Investing in Natural Defenses
First, applying Federal disaster recovery funding to proactively address natural coastal defenses.
Nationally, after Hurricane Sandy in 2012, only about 1% of recovery funding went toward rebuilding natural resilience, despite subsequent research showing that marshes in the Northeast can reduce flood damages by some 16% annually.
More than $100 billion has been appropriated to recover from hurricanes Harvey, Maria and Irma. It certainly would make economic sense for the Federal government to become proactive in addressing climate change impacts and by not only recognizing, but spending on rebuilding protective reef systems.
In a promising move, the Federal Emergency Management Agency has created opportunities to include ecosystem services such as flood protection and fishery production in official benefit to cost analysis calculations to support flood mitigation funding.
Third, Federal Government agencies have incentives to invest in reefs as protection for critical infrastructure. Reefs defend military bases located along tropical coastlines, as well as shore-hugging roads that are the lifeblood of many economies from Hawaii to Florida and Puerto Rico.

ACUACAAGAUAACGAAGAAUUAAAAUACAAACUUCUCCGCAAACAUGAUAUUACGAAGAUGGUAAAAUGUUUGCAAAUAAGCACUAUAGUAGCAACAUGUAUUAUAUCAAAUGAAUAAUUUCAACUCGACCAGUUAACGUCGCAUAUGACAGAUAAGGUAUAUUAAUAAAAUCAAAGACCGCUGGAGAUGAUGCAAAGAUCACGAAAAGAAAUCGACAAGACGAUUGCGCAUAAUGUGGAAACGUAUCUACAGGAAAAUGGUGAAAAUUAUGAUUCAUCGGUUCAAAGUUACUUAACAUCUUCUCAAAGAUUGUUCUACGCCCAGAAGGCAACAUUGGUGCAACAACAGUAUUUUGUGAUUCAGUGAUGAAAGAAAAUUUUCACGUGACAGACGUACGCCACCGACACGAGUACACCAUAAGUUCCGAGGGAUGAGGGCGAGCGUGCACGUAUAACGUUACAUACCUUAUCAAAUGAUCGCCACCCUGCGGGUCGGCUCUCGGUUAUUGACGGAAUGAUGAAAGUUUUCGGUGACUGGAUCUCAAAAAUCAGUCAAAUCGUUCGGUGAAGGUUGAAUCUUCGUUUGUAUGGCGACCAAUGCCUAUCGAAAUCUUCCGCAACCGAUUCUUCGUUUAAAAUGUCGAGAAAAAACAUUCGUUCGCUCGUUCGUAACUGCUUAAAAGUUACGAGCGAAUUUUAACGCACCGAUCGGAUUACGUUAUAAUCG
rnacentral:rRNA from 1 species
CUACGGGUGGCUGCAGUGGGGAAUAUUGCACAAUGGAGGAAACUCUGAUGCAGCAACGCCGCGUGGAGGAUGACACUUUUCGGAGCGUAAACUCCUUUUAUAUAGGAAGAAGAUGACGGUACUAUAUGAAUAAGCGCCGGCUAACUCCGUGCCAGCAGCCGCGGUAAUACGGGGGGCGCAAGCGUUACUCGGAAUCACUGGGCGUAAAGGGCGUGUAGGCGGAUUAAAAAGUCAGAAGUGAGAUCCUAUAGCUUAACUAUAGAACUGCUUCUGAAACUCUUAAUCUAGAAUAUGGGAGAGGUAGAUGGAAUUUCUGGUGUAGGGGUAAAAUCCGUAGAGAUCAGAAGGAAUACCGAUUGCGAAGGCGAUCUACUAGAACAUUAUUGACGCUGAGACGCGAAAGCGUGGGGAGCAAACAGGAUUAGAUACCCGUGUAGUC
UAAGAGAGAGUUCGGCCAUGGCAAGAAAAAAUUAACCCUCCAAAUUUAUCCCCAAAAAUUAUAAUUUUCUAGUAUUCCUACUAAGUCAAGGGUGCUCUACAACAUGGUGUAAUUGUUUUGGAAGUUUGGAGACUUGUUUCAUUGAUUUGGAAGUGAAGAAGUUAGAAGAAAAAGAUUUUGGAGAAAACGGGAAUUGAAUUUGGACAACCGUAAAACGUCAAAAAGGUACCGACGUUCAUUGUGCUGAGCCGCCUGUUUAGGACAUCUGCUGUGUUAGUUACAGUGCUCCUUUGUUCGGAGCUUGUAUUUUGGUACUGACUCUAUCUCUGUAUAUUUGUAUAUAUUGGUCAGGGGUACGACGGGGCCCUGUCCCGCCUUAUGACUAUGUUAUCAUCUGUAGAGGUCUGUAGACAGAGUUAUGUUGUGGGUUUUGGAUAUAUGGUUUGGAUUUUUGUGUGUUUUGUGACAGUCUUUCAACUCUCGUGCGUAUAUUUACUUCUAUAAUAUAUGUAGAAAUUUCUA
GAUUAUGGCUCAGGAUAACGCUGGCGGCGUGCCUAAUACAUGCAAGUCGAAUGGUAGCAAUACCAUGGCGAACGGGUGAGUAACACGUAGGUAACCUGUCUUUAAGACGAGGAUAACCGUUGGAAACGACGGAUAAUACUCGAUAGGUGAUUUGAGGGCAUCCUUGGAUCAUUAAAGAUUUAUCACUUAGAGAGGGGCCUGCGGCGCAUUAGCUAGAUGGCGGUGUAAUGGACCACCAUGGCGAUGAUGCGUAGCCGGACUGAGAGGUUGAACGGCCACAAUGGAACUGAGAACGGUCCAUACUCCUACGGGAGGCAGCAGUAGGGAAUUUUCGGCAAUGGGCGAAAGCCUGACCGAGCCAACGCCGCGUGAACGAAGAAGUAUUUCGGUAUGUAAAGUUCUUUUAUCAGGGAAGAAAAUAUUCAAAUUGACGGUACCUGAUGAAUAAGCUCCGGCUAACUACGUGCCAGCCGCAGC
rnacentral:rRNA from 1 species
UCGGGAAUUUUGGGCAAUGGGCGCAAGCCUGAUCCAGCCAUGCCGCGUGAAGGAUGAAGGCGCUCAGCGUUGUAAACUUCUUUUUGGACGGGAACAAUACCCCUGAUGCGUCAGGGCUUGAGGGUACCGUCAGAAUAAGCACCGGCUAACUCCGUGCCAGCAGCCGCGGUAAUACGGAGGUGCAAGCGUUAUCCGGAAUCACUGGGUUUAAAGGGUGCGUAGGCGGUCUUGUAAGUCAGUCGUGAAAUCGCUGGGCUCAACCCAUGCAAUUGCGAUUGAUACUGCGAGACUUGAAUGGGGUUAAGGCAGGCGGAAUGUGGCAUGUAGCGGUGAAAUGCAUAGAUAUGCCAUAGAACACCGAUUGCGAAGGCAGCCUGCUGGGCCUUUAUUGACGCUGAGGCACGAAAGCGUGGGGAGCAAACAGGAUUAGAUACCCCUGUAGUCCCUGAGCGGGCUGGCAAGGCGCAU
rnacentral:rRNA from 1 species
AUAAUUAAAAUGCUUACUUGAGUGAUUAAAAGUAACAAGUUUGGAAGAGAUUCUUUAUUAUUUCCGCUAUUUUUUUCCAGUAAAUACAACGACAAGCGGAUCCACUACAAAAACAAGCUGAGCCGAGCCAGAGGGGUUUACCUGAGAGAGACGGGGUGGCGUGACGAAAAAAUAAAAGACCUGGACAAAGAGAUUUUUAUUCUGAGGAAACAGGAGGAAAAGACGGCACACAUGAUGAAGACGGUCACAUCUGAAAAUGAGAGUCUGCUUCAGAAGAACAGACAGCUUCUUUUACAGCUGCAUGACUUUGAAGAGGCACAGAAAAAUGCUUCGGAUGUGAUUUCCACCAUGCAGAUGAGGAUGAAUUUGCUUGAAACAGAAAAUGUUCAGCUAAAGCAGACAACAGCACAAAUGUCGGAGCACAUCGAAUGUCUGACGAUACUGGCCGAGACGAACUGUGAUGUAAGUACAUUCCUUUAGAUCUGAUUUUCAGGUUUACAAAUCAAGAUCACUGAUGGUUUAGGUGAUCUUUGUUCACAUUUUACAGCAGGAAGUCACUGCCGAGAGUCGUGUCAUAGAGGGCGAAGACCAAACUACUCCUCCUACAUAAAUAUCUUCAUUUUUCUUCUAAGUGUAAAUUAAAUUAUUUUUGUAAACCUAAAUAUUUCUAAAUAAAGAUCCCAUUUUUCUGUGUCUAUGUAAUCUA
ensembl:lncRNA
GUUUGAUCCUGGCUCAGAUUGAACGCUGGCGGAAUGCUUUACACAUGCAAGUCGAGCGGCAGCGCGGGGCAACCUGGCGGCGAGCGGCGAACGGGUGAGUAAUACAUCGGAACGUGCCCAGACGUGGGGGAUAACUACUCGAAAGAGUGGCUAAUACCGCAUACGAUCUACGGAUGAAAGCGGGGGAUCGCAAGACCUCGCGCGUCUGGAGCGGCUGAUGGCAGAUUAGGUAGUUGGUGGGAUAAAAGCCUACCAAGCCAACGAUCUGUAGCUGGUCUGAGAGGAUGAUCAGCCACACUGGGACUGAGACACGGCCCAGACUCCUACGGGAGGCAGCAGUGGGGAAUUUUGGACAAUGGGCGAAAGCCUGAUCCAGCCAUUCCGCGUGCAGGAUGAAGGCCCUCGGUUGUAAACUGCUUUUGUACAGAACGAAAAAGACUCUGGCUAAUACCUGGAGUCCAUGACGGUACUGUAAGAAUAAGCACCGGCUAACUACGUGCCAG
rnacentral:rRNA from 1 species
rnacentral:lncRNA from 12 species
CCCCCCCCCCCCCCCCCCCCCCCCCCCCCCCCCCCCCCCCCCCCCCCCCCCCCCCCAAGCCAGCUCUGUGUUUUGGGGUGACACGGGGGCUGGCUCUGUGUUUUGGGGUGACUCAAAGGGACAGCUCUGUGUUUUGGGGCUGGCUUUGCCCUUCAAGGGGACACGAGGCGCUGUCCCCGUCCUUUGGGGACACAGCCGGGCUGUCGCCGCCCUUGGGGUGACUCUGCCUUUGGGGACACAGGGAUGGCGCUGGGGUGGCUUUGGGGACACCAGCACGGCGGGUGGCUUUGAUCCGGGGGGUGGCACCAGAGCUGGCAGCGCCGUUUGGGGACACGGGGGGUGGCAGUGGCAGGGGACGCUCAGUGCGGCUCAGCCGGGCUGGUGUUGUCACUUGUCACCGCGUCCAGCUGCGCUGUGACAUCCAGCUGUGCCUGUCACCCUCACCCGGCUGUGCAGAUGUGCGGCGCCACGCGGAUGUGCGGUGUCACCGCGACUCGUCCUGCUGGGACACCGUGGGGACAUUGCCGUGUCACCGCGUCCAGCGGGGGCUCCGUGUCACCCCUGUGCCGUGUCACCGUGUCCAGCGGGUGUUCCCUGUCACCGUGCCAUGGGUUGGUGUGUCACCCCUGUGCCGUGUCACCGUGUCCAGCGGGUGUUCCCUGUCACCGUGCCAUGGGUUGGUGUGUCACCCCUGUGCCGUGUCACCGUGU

The Army Corps of Engineers is making more use of natural solutions to minimize flood risks, a sometimes controversial undertaking here in Hawai’i. The U.S. Department of Transportation is analyzing ways to protect coastal highways with nature-based solutions, such as marsh restoration.
Clearly, we have a locally-connected global challenge in Climate Change. Ignoring that challenge is a luxury we can no longer afford. Just talking about it without affirmative steps towards addressing the core problems of pollution, over-consumption, and the absence of stewardship when ti comes to managing and living in the natural world.
Like so many other climate change impacts now underway, it will take consensus building and a whole community effort — with participatory partnerships of government, private sector, and private citizens in order to make a much needed difference.